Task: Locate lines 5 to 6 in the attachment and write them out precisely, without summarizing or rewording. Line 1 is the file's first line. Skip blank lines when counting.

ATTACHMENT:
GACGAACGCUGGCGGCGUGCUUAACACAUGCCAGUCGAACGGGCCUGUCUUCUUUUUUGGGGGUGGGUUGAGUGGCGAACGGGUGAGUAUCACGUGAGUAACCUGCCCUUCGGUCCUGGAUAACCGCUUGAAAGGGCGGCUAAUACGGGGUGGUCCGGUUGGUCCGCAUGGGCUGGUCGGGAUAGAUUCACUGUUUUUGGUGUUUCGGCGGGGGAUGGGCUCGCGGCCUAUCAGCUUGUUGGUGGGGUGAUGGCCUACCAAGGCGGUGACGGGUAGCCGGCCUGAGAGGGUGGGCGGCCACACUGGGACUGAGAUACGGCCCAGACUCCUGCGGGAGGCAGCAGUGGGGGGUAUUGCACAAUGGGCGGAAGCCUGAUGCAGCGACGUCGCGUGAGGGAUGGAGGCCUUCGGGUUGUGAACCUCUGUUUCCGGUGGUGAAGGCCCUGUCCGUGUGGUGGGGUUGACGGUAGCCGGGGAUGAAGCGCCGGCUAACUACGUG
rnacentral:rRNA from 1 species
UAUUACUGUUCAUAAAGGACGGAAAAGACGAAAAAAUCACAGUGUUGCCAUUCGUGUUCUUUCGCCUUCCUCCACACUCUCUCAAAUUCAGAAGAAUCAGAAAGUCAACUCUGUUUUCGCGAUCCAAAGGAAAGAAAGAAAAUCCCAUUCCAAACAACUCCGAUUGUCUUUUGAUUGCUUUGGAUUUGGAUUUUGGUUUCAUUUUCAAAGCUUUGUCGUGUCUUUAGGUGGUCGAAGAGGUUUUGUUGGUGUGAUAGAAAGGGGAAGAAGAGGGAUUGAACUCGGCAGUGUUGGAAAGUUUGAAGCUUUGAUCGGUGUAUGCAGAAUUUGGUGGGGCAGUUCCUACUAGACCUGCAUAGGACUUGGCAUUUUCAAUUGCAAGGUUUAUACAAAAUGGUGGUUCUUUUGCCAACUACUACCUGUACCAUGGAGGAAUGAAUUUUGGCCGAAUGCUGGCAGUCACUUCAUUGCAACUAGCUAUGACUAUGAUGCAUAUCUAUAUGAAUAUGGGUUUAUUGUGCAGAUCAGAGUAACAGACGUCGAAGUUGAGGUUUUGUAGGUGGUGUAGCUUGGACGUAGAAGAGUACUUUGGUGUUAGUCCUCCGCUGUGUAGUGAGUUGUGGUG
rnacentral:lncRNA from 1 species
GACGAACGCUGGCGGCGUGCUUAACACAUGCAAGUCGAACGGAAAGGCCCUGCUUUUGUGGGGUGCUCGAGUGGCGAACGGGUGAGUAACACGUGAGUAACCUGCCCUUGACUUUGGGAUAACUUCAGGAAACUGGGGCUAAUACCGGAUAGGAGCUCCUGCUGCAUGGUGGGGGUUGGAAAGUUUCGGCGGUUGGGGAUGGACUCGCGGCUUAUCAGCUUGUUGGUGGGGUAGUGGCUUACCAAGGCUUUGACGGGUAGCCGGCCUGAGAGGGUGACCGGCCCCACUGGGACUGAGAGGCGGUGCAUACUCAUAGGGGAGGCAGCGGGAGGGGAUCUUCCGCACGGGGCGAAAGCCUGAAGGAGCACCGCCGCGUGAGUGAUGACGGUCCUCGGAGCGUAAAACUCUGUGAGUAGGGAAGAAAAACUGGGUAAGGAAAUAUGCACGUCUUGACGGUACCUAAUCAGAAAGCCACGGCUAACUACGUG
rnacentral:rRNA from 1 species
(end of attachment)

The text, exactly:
GACGAACGCUGGCGGCGUGCUUAACACAUGCAAGUCGAACGGAAAGGCCCUGCUUUUGUGGGGUGCUCGAGUGGCGAACGGGUGAGUAACACGUGAGUAACCUGCCCUUGACUUUGGGAUAACUUCAGGAAACUGGGGCUAAUACCGGAUAGGAGCUCCUGCUGCAUGGUGGGGGUUGGAAAGUUUCGGCGGUUGGGGAUGGACUCGCGGCUUAUCAGCUUGUUGGUGGGGUAGUGGCUUACCAAGGCUUUGACGGGUAGCCGGCCUGAGAGGGUGACCGGCCCCACUGGGACUGAGAGGCGGUGCAUACUCAUAGGGGAGGCAGCGGGAGGGGAUCUUCCGCACGGGGCGAAAGCCUGAAGGAGCACCGCCGCGUGAGUGAUGACGGUCCUCGGAGCGUAAAACUCUGUGAGUAGGGAAGAAAAACUGGGUAAGGAAAUAUGCACGUCUUGACGGUACCUAAUCAGAAAGCCACGGCUAACUACGUG
rnacentral:rRNA from 1 species